Chaim Potok Long Fiction Analysis
In his novels, Chaim Potok returns again and again to the story of a young protagonist coming of age in a culture (usually Jewish) at once mysterious, beautiful, sad, and somehow inadequate. Usually told in the first person, Potok’s stories surround the reader with forebodings of the larger, evil world (news of pogroms in Europe, the Holocaust, the first atom bomb) into which his characters are plunged. Potok creates a microcosm of feeling and reaction to events that shake the world. His sentences are simple and reportorial, at times almost a parody of the staccato style of Ernest Hemingway. The stories develop chronologically, though they are frequently invaded by dreams, visions, or voices from the “Other Side.”
In each of his stories, Potok sets for himself a question to be answered and reworks his own experiences until he is satisfied with at least a provisional resolution. Controlling metaphors help shape the questions. In The Chosen, the baseball game symbolizes the competition between two Jewish cultures, the very strict Hasidic and the more openly assimilationist. What happens to those caught in between those two traditions? The vision of pups being born in The Book of Lights represents the entrance of fertile Kabbala mysticism into a world of strict Jewish law. How can Jewish mysticism enrich Orthodoxy? Asher Lev’s dreams of his mythical ancestor foreshadow the young artist’s confrontation with his own culture. What happens when art brings great hurt? The sound of a little door harp symbolizes the transforming power of the imagination for Ilana Davita Chandal (Potok’s first female protagonist) of Davita’s Harp. What is the place of the imagination in Jewish Orthodoxy? What is the place of women?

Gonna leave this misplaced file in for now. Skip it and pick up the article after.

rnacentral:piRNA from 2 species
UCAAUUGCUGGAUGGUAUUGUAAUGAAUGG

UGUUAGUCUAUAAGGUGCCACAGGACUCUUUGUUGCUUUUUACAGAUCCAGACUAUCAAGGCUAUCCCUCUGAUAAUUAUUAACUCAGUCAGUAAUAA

The Chosen recounts the story of Danny Saunders, brilliant son of a Hasidic rabbi, chosen by tradition to one day succeed his father as leader of the fundamentalist community in Brooklyn, New York. Yet Danny is less interested in studying the Talmud (Jewish law) than in probing the works of Sigmund Freud and other secular psychologists. The story closes with the inevitable confrontation between Danny and his father, which is mediated by Danny’s friend Reuvan Malter. In the climactic scene in Reb Saunders’s office, the old rabbi turns to his son and addresses him as a father for the first time. (For years, Danny had been reared in silence, except for times of Talmud study.) With fatherly tears, Reb Saunders explains that the years of silence created a soul of compassion within his brilliant son. Though he may well leave the Hasidic community for secular studies, Danny will always carry with him the legacy of Jewish suffering. That legacy will provide the moral force to change the world.
Reuvan, son of a Talmud scholar of the new school of textual criticism, chooses to become a rabbi. The choices, for Reuvan and for Danny, do not, however, come easily. Reuvan faces ostracism by the Hasidic community for suggesting that some Talmudic texts were of inferior quality and subject to misinterpretation. Danny must seemingly turn against his father if he is to pursue secular studies and abandon his leadership obligations.
The novel is structured almost as a diary, with pages of detailed descriptions of schoolwork in the Jewish high school, visits to the local synagogue, and the ebb and flow of Reuvan’s life. Though at times tedious, the very innocence of the language contributes to a certain dramatic intensity. The conflict in the novel is mirrored in the frequent news reports of World War II and in the ensuing controversy over the creation of a Jewish state, Israel, in 1949. The Hasidic community is content to wait for the Messiah to create such a state; Reuvan’s father calls for an immediate political settlement. Political questions are present in each of Potok’s novels and are of central interest in Davita’s Harp.
Silence is again present in Potok’s second novel, The Promise , which continues the story...
(The entire section is 4,416 words.)